Gambling Commission tightens up consumer protection during COVID-19 lockdown

United Kingdom

Correct as of 12:00 on 13 May 2020. This article is not being maintained.

On 12 May 2020, the Gambling Commission released additional guidance for remote operators to adhere to during the COVID-19 pandemic. The guidance enhances the responsibilities of operators in respect of customer interaction.

These increased measures follow previous COVID-19 guidance issued by the Commission in March, and a warning to operators to act responsibly during the lockdown.

Use of online gambling products during lockdown

The new guidance was prompted by the release of data from the Commission which shows an increase in the use of certain online gambling products. Specifically, the data showed that there had been an increase in the number of gambling sessions that are played for over an hour, and that two thirds of gamblers who had gambled on three or more products in the last four weeks had increased the time or money they were spending on online gambling.

Nevertheless, the Commission made clear that there was no evidence to suggest an increase in problem gambling and that there had only been a small number of people who had gambled for the first time during the lockdown.

New guidance

The guidance builds on operators’ responsibilities under social responsibility code provision 3.4.1 of the licence conditions and codes of practice, which states that licensees must interact with customers in a way which minimises the risk of customers experiencing gambling-related harms.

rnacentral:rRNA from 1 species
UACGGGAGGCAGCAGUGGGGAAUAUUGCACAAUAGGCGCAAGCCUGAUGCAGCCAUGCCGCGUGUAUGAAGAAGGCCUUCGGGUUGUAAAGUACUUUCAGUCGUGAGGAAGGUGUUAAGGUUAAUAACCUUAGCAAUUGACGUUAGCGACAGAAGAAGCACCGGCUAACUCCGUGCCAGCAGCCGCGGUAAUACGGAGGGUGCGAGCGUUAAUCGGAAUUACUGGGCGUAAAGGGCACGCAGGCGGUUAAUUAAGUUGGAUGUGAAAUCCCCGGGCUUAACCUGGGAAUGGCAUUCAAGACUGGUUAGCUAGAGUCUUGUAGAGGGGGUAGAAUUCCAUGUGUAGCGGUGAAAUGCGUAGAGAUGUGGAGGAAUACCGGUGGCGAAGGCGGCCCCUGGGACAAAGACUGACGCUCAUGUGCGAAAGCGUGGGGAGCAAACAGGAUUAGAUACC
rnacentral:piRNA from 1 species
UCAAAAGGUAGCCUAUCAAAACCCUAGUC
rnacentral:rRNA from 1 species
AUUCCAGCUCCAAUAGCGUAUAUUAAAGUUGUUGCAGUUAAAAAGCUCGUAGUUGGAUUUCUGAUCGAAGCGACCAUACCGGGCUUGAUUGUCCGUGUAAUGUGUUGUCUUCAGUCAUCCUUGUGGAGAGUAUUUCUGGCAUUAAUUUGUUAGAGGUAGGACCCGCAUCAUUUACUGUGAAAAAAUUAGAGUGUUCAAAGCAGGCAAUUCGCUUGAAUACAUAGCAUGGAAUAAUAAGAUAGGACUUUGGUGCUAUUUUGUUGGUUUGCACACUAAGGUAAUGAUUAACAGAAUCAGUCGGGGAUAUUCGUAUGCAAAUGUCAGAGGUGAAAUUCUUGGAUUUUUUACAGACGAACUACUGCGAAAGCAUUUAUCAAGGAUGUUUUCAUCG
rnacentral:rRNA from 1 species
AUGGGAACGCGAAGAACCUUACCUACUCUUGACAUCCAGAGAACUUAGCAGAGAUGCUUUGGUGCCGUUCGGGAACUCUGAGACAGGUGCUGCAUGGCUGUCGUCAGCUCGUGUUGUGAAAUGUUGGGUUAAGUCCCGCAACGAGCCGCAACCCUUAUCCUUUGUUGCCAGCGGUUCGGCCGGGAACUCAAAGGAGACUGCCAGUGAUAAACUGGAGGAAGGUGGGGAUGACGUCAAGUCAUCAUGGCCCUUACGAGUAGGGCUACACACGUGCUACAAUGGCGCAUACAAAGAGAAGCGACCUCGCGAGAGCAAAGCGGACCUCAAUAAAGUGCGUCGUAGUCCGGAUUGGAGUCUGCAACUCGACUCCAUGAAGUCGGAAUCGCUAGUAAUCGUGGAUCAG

Due to the lockdown, the guidance states that licensees should also now ensure that they have implemented additional measures into their customer interaction framework. In particular, operators must:

  • review all thresholds and triggers used to track vulnerability to ensure that they reflect changed financial circumstances that many consumers will be experiencing;
  • specifically review time indicators to capture play in excess of one hour;
  • set additional or modify existing thresholds and triggers which are specific to new customers reflecting a lack of knowledge of that individual’s play and spend patterns;
  • implement processes that ensure the continual monitoring of the customer base, identifying customers whose patterns of play, spend or behaviours have changed in the last few weeks;
  • conduct affordability assessments for individuals picked up by existing or new thresholds and triggers which indicate consumers experiencing harm;
  • for those customers, consider limiting or blocking further play until the checks have been concluded and supporting evidence obtained;
  • prevent reverse withdrawal options for customers until further notice; and
  • stop bonus offers or promotions to customers displaying indicators of harm.

Online operators will be expected to make these changes as soon as possible. The Commission also signalled that it will bring forward its plans to consult on whether additional player protection measures are necessary on a permanent basis.

Finally, the Commission said it will continue to publish the data it is collecting and will take further measures in this area if required.